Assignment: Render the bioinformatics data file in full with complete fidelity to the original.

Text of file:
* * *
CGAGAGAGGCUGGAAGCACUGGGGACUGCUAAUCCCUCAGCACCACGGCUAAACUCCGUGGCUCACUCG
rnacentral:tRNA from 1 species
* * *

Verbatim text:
CGAGAGAGGCUGGAAGCACUGGGGACUGCUAAUCCCUCAGCACCACGGCUAAACUCCGUGGCUCACUCG
rnacentral:tRNA from 1 species